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29 September 2021updated 30 Sep 2021 7:57am

The Conservative coalition is fragile, but the party will adapt to hold on to power

To people on the left, flexibility sounds like an absence of principles – but for the Tories it is an elixir.

By Philip Collins

The great liberal city of Manchester, one of the last redoubts of the Labour Party, plays host to the Conservatives on 3-6 October. Where better than Albert Square, in the company of a statue of the Victorian free-trade reformer John Bright, for a gathering of a party in the throes of an identity crisis? Some of the attendant Tories still regard themselves as market liberals; others want to conserve the way things are.

The predicament of the Labour Party, caught between its former strongholds  in the industrial north of England and its new urban, bourgeois vote, has received  a lot of attention since Boris Johnson’s Tories won the 2019 election. Sebastian Payne’s book Broken Heartlands is the latest in what is becoming a small cottage industry on the subject. But less has been said about the identity crisis gripping the Conservatives, which, as household incomes are depleted, might become the story of an autumn of discontent.

The Conservative Party has long  had a deep fault line. The Manchester conference centre in which it will meet is near the site where in 1853 Bright’s fellow anti-Corn Law campaigner Richard Cobden built the Free Trade Hall as a monument to their great victory for market liberalism. The repeal of the Corn Laws split the Tory party into two factions: the liberals under Peel and the protectionist voices of the merchants. The division is still there now. The row will be heard loudest in conference fringe meetings on planning reform. The market Tory wants more development; the protectionist Tory wants to conserve the landscape.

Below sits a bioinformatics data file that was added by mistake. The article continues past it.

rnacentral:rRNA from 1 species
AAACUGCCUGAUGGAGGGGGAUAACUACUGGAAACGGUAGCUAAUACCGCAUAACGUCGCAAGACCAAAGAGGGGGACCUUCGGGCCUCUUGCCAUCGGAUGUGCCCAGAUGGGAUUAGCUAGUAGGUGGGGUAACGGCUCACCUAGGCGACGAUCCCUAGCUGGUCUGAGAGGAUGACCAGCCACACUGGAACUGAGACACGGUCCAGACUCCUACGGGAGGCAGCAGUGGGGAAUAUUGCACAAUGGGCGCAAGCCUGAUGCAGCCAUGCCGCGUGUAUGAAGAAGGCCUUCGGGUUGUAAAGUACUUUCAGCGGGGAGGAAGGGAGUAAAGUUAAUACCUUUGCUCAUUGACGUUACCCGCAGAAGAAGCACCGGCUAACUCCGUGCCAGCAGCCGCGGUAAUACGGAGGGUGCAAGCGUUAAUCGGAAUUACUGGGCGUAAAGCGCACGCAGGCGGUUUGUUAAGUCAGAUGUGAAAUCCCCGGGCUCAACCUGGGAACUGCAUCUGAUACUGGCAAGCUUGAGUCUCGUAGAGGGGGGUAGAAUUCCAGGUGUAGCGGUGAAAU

[See also: The key to success for Labour is to move with the times]

This division has taken a new form in recent years. In 2019, for the first time in British politics, class was no longer any use in predicting affiliation. The Conservative Party performed better among working-class C2DE voters (48 per cent) than it did among middle-class ABC1 voters (43 per cent), and Labour won 33 per cent in both categories. The new Tory vote is older than it used to be and relatively poorly educated. Labour beat the Tories among those who have a degree by 43 per cent to 29 per cent. Among those voters whose highest level of education is GCSE or lower, the Conservatives beat Labour by more than two to one.

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The coalition of Conservative supporters is based on security and protection, bound together by age, education and attitude, and it is about to undergo a severe test. The shortage of HGV drivers, the spike in energy prices, the end of furlough, rent increases, and a significant rise in food prices as the supermarket shelves empty all threaten to cause a serious crisis in the cost of living. A depletion in household income will hurt in Tory-voting places that are far from wealthy.